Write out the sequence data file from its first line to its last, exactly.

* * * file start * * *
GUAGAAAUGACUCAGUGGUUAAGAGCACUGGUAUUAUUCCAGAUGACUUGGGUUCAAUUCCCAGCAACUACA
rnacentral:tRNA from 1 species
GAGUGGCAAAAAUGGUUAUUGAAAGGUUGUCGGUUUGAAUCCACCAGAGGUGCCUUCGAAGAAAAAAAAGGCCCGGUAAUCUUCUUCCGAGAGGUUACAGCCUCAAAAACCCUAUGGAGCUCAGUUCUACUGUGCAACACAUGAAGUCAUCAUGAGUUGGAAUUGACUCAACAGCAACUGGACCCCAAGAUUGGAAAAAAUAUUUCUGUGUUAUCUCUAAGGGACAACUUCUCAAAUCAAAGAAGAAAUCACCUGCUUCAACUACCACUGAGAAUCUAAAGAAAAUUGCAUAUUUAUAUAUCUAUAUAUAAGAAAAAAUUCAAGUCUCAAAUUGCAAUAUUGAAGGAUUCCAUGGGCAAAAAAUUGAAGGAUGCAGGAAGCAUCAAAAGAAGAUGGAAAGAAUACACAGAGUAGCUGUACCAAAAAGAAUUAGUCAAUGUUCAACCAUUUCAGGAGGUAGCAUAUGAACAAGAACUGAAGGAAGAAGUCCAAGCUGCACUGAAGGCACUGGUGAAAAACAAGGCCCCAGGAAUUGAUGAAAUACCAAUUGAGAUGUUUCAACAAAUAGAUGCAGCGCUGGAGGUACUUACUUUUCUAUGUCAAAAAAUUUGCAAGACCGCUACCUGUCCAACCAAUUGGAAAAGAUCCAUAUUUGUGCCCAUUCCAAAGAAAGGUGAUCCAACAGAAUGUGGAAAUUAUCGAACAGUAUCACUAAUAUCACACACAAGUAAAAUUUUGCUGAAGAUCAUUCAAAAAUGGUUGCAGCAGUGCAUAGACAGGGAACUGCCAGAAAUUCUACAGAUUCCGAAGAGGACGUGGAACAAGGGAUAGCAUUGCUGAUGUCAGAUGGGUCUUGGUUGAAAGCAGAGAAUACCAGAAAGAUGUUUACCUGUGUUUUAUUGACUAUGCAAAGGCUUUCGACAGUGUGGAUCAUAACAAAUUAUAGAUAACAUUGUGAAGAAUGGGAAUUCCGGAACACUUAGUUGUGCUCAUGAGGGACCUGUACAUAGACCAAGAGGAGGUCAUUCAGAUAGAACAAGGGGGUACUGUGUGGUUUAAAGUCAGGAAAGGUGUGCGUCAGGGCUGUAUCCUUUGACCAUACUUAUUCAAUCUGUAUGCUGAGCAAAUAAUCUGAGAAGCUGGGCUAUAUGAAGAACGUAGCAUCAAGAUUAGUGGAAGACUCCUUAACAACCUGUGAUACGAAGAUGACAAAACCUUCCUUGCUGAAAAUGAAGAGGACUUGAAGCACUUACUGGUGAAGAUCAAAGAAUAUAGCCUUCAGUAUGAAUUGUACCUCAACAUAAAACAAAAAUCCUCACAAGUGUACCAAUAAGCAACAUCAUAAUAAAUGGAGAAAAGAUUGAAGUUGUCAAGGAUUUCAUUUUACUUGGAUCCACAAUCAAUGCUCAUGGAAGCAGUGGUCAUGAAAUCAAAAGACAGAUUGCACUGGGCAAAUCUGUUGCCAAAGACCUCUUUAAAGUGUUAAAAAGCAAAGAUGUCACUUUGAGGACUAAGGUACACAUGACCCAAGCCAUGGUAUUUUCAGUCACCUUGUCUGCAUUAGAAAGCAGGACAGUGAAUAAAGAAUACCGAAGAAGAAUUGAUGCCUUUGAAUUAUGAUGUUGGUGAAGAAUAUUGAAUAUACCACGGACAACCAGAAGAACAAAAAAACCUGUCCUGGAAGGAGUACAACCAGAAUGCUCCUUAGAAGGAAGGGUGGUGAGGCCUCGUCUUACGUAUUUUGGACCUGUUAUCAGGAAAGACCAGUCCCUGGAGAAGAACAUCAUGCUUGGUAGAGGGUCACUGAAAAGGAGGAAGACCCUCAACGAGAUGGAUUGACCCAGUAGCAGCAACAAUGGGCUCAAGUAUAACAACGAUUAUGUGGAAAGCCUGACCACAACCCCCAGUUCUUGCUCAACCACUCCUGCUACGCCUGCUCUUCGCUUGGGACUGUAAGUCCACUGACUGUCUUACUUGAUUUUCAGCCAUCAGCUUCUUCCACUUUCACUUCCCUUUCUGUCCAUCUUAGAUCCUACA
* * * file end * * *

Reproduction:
GUAGAAAUGACUCAGUGGUUAAGAGCACUGGUAUUAUUCCAGAUGACUUGGGUUCAAUUCCCAGCAACUACA
rnacentral:tRNA from 1 species
GAGUGGCAAAAAUGGUUAUUGAAAGGUUGUCGGUUUGAAUCCACCAGAGGUGCCUUCGAAGAAAAAAAAGGCCCGGUAAUCUUCUUCCGAGAGGUUACAGCCUCAAAAACCCUAUGGAGCUCAGUUCUACUGUGCAACACAUGAAGUCAUCAUGAGUUGGAAUUGACUCAACAGCAACUGGACCCCAAGAUUGGAAAAAAUAUUUCUGUGUUAUCUCUAAGGGACAACUUCUCAAAUCAAAGAAGAAAUCACCUGCUUCAACUACCACUGAGAAUCUAAAGAAAAUUGCAUAUUUAUAUAUCUAUAUAUAAGAAAAAAUUCAAGUCUCAAAUUGCAAUAUUGAAGGAUUCCAUGGGCAAAAAAUUGAAGGAUGCAGGAAGCAUCAAAAGAAGAUGGAAAGAAUACACAGAGUAGCUGUACCAAAAAGAAUUAGUCAAUGUUCAACCAUUUCAGGAGGUAGCAUAUGAACAAGAACUGAAGGAAGAAGUCCAAGCUGCACUGAAGGCACUGGUGAAAAACAAGGCCCCAGGAAUUGAUGAAAUACCAAUUGAGAUGUUUCAACAAAUAGAUGCAGCGCUGGAGGUACUUACUUUUCUAUGUCAAAAAAUUUGCAAGACCGCUACCUGUCCAACCAAUUGGAAAAGAUCCAUAUUUGUGCCCAUUCCAAAGAAAGGUGAUCCAACAGAAUGUGGAAAUUAUCGAACAGUAUCACUAAUAUCACACACAAGUAAAAUUUUGCUGAAGAUCAUUCAAAAAUGGUUGCAGCAGUGCAUAGACAGGGAACUGCCAGAAAUUCUACAGAUUCCGAAGAGGACGUGGAACAAGGGAUAGCAUUGCUGAUGUCAGAUGGGUCUUGGUUGAAAGCAGAGAAUACCAGAAAGAUGUUUACCUGUGUUUUAUUGACUAUGCAAAGGCUUUCGACAGUGUGGAUCAUAACAAAUUAUAGAUAACAUUGUGAAGAAUGGGAAUUCCGGAACACUUAGUUGUGCUCAUGAGGGACCUGUACAUAGACCAAGAGGAGGUCAUUCAGAUAGAACAAGGGGGUACUGUGUGGUUUAAAGUCAGGAAAGGUGUGCGUCAGGGCUGUAUCCUUUGACCAUACUUAUUCAAUCUGUAUGCUGAGCAAAUAAUCUGAGAAGCUGGGCUAUAUGAAGAACGUAGCAUCAAGAUUAGUGGAAGACUCCUUAACAACCUGUGAUACGAAGAUGACAAAACCUUCCUUGCUGAAAAUGAAGAGGACUUGAAGCACUUACUGGUGAAGAUCAAAGAAUAUAGCCUUCAGUAUGAAUUGUACCUCAACAUAAAACAAAAAUCCUCACAAGUGUACCAAUAAGCAACAUCAUAAUAAAUGGAGAAAAGAUUGAAGUUGUCAAGGAUUUCAUUUUACUUGGAUCCACAAUCAAUGCUCAUGGAAGCAGUGGUCAUGAAAUCAAAAGACAGAUUGCACUGGGCAAAUCUGUUGCCAAAGACCUCUUUAAAGUGUUAAAAAGCAAAGAUGUCACUUUGAGGACUAAGGUACACAUGACCCAAGCCAUGGUAUUUUCAGUCACCUUGUCUGCAUUAGAAAGCAGGACAGUGAAUAAAGAAUACCGAAGAAGAAUUGAUGCCUUUGAAUUAUGAUGUUGGUGAAGAAUAUUGAAUAUACCACGGACAACCAGAAGAACAAAAAAACCUGUCCUGGAAGGAGUACAACCAGAAUGCUCCUUAGAAGGAAGGGUGGUGAGGCCUCGUCUUACGUAUUUUGGACCUGUUAUCAGGAAAGACCAGUCCCUGGAGAAGAACAUCAUGCUUGGUAGAGGGUCACUGAAAAGGAGGAAGACCCUCAACGAGAUGGAUUGACCCAGUAGCAGCAACAAUGGGCUCAAGUAUAACAACGAUUAUGUGGAAAGCCUGACCACAACCCCCAGUUCUUGCUCAACCACUCCUGCUACGCCUGCUCUUCGCUUGGGACUGUAAGUCCACUGACUGUCUUACUUGAUUUUCAGCCAUCAGCUUCUUCCACUUUCACUUCCCUUUCUGUCCAUCUUAGAUCCUACA